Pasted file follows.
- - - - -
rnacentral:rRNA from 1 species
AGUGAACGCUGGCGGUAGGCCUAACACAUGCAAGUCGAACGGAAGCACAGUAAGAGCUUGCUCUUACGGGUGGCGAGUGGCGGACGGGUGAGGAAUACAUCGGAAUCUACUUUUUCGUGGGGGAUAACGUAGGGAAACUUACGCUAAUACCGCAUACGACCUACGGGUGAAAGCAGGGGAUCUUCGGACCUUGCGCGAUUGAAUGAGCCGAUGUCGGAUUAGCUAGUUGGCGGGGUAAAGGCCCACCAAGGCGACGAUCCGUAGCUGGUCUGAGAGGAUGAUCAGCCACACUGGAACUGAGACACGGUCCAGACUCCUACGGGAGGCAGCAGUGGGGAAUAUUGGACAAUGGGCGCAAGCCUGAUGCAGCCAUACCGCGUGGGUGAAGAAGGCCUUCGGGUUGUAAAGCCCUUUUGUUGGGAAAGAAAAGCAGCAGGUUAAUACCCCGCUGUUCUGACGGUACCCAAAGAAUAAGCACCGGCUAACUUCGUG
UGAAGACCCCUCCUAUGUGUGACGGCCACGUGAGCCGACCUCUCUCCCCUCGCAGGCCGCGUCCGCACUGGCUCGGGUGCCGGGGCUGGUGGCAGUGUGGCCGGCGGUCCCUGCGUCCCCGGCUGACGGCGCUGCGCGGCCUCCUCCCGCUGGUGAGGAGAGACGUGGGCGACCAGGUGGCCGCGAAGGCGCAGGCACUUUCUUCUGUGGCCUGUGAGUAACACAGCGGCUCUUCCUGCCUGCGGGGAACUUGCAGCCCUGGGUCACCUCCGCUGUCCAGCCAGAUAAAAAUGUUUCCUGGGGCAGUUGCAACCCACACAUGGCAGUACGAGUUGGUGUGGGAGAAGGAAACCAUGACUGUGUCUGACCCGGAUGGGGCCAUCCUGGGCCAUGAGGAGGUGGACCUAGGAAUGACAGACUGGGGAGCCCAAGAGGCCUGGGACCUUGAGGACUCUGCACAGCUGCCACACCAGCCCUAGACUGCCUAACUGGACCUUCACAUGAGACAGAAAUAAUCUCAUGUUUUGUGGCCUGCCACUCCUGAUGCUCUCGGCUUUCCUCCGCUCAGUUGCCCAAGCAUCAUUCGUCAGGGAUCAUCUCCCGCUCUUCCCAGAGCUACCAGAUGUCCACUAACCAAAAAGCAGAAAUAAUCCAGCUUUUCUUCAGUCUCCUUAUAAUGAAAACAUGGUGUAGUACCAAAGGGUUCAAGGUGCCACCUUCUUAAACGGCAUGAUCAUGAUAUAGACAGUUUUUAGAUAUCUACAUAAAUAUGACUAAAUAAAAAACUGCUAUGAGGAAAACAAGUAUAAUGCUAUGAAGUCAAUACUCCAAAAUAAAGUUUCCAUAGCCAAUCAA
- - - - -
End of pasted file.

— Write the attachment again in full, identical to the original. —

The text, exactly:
rnacentral:rRNA from 1 species
AGUGAACGCUGGCGGUAGGCCUAACACAUGCAAGUCGAACGGAAGCACAGUAAGAGCUUGCUCUUACGGGUGGCGAGUGGCGGACGGGUGAGGAAUACAUCGGAAUCUACUUUUUCGUGGGGGAUAACGUAGGGAAACUUACGCUAAUACCGCAUACGACCUACGGGUGAAAGCAGGGGAUCUUCGGACCUUGCGCGAUUGAAUGAGCCGAUGUCGGAUUAGCUAGUUGGCGGGGUAAAGGCCCACCAAGGCGACGAUCCGUAGCUGGUCUGAGAGGAUGAUCAGCCACACUGGAACUGAGACACGGUCCAGACUCCUACGGGAGGCAGCAGUGGGGAAUAUUGGACAAUGGGCGCAAGCCUGAUGCAGCCAUACCGCGUGGGUGAAGAAGGCCUUCGGGUUGUAAAGCCCUUUUGUUGGGAAAGAAAAGCAGCAGGUUAAUACCCCGCUGUUCUGACGGUACCCAAAGAAUAAGCACCGGCUAACUUCGUG
UGAAGACCCCUCCUAUGUGUGACGGCCACGUGAGCCGACCUCUCUCCCCUCGCAGGCCGCGUCCGCACUGGCUCGGGUGCCGGGGCUGGUGGCAGUGUGGCCGGCGGUCCCUGCGUCCCCGGCUGACGGCGCUGCGCGGCCUCCUCCCGCUGGUGAGGAGAGACGUGGGCGACCAGGUGGCCGCGAAGGCGCAGGCACUUUCUUCUGUGGCCUGUGAGUAACACAGCGGCUCUUCCUGCCUGCGGGGAACUUGCAGCCCUGGGUCACCUCCGCUGUCCAGCCAGAUAAAAAUGUUUCCUGGGGCAGUUGCAACCCACACAUGGCAGUACGAGUUGGUGUGGGAGAAGGAAACCAUGACUGUGUCUGACCCGGAUGGGGCCAUCCUGGGCCAUGAGGAGGUGGACCUAGGAAUGACAGACUGGGGAGCCCAAGAGGCCUGGGACCUUGAGGACUCUGCACAGCUGCCACACCAGCCCUAGACUGCCUAACUGGACCUUCACAUGAGACAGAAAUAAUCUCAUGUUUUGUGGCCUGCCACUCCUGAUGCUCUCGGCUUUCCUCCGCUCAGUUGCCCAAGCAUCAUUCGUCAGGGAUCAUCUCCCGCUCUUCCCAGAGCUACCAGAUGUCCACUAACCAAAAAGCAGAAAUAAUCCAGCUUUUCUUCAGUCUCCUUAUAAUGAAAACAUGGUGUAGUACCAAAGGGUUCAAGGUGCCACCUUCUUAAACGGCAUGAUCAUGAUAUAGACAGUUUUUAGAUAUCUACAUAAAUAUGACUAAAUAAAAAACUGCUAUGAGGAAAACAAGUAUAAUGCUAUGAAGUCAAUACUCCAAAAUAAAGUUUCCAUAGCCAAUCAA